It’s time to wax lyrical on pubic hair removal

Photo: Woody Eke

Pubes. Remember them? We’ve all got them, we’ve all seen them, but our memory of them is starting to fade. Pubic hairs are continually getting ripped from their warm homes, or being zapped, in an attempt to remove them permanently from our nether regions. For some, pubic hair is on the brink of extinction.

After conducting an anonymous survey of 52 women aged between 18 and 44, I found 75% of women remove some or all of their pubic hair. But in the same pool, 49% see pubic hair removal as a feminist issue. These are significant figures. So why aren’t we talking about it? Why aren’t we challenging it? Three-quarters of women remove their hair, and half see it as a feminist issue, yet only tumbleweed-like balls of banished pubic hair fill the silence.

We care, yet we conform unwittingly. I pass no judgment on the partially pubed or pube-free among us. Choice is a central part of feminism as it has been since its birth, and it remains important to all interpretations and understandings of the movement today. But there is something amiss here.

The choices we are making may be misinformed. Of the 75% of women who are regularly shaving, waxing, creaming, threading, plucking or lasering their hair away, 29% said they removed pubic hair because they think it is cleaner. But cleaner it is not, says gynaecologist of 34 years and doctor at the Epworth Freemasons Hospital in Melbourne, Dr Claire Petterson.

“Pubic hair is there to catch sweat and to protect the genitals. Taking it off has potential complications. Some women get broken hairs and infected hair follicles. They get big pimples in the area around the vulva; that’s one of the worst things that can happen,” she says.

“The other side effect is that many women want to have labiaplasty now; they want to have their labia trimmed. I really believe the labiaplasty fashion has only happened because people are removing their pubic hair,” Dr Petterson concluded.

For the majority however, amounting to 57% of those surveyed, removing some or all pubic hair was an effort to make them feel sexier or more attractive. 12% were unsure of why they removed it at all, and 2% removed it because a partner had asked them to.

Photo: Woody Eke

Judy, a receptionist at the Victorian Laser and Skin Clinic, says their clinic removes the hair off thousands of clients state-wide. And of those thousands, about 70% are women. Why is it so popular? “Because nobody wants hair,” she says plainly. “It’s about enhancing confidence.”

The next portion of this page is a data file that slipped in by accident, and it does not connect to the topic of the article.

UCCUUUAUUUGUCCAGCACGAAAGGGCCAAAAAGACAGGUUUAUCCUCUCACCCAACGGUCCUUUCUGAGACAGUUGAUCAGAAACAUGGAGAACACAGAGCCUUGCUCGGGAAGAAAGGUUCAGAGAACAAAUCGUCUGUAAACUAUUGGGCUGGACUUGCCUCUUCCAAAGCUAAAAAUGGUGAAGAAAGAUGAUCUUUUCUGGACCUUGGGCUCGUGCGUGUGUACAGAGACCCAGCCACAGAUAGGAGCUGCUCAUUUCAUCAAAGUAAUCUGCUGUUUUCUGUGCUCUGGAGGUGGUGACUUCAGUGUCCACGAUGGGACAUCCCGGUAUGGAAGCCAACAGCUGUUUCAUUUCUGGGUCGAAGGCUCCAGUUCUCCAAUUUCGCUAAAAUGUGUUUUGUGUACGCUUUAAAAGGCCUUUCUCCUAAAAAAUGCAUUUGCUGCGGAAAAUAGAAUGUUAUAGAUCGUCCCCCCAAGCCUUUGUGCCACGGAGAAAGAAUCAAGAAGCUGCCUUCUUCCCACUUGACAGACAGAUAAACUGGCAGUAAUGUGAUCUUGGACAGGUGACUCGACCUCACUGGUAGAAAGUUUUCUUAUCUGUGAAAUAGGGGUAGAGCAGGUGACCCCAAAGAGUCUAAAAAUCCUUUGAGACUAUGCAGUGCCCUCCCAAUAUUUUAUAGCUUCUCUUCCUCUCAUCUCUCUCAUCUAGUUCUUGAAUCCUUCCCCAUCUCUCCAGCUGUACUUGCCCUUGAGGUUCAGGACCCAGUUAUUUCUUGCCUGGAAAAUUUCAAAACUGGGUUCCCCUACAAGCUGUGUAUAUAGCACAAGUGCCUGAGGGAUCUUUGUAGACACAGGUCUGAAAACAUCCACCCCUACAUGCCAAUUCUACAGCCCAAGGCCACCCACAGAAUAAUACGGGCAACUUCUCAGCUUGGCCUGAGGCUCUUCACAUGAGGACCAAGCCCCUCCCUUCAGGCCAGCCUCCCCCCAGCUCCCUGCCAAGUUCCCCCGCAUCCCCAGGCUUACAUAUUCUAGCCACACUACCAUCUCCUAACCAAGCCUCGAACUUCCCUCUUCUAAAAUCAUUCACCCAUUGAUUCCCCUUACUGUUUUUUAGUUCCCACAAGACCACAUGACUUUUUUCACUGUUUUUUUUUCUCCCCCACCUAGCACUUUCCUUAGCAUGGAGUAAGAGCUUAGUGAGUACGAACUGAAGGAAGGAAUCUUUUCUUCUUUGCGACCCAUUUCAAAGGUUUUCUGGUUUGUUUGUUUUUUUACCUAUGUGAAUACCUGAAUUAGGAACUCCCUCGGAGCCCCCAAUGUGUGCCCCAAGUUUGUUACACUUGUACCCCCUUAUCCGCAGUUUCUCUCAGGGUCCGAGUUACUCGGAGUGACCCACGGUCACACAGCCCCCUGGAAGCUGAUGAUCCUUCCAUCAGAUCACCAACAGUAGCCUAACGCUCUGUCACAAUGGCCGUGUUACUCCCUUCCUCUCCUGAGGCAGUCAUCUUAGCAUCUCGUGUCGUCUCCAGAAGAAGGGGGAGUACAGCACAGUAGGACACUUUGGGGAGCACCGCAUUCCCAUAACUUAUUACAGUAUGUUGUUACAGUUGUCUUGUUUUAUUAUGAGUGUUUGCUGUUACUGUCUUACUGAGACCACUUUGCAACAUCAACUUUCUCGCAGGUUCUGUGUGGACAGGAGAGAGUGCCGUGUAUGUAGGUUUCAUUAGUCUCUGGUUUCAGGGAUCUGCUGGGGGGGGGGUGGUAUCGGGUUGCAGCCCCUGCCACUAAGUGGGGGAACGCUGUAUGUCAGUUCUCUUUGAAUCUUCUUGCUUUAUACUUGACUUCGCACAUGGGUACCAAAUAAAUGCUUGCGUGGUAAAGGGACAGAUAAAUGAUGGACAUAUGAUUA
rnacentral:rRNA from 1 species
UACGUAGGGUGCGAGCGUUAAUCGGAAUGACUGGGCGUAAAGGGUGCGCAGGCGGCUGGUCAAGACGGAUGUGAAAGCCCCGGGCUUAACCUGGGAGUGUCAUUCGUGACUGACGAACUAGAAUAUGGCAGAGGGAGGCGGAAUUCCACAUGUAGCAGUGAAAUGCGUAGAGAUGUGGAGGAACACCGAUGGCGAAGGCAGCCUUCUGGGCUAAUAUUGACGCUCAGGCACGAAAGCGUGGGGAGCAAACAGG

So if we feel sexier or more confident without it, how do we feel with it? Unattractive and embarrassed? Inferior and ashamed? Unable to truly and proudly take part in sex and the world?

It appears here that “sexy” is defined as something we are not, something unnatural and heavily manicured. And by this definition, we are sexy when we are not ourselves. We are sexy when our identity is changed. Pubic hair sits atop our genitals. Our genitals define our sex, they are a physical and metaphorical pleasure centre, and they are life-givers. Vaginas, for all their various shapes, colours, and features, are natural, are ours, and for their differences, are important.

American professor Roger Friedland wrote in the Huffington Post in 2011 that there is profound historical irony present in the obsession with hair removal.

“Young women are pursuing sexual pleasures that were made possible by a feminism, that also asserted the beauty of the natural feminine body.” For women now, he says, “Their sex is no longer dirty, but their bodies are.”

And to add another healthy dollop of irony to the mix, women growing and showing their pubic hair becomes an act of rebellion. We take pride in what is natural, to defy what has been forced on us as normal. It becomes a finger-up to an unidentified oppressor.

Canadian photographer, designer, and body hair ambassador Petra Collins is only too familiar with the consequences of not conforming, and being subject to pressures to regulate her body. In 2013, her Instagram account was closed down because of this photo.

“The image I posted was from the waist down wearing a bathing suit bottom in front of a sparkly backdrop. Unlike the 5,883,628 (this is how many images are tagged #bikini) bathing suit images on Instagram, mine depicted my own unaltered state — an unshaven bikini line… What I did have was an image of MY body that didn’t meet society’s standard of ‘femininity’…”

Unlike flowers, it’s rare to see pubic hair in full bloom. Photo: Izzy Tolhurst

Above all, I wonder how we got here so fast (and, according, to 68% of the women surveyed, in kind of painful ways, too)? When did we start to loathe that hair so much, yet hold on to it nostalgically as a relic of womanhood and independence?

I am someone who sees pubic hair removal as a feminist issue, and I see the pubic hair removal issue as part of a wider discussion on femininity, identity, and expression. Or, maybe in its current state, unaddressed and infrequently talked about, it’s about precisely the opposite — conformity and repression. So I’m asking that we talk about it.


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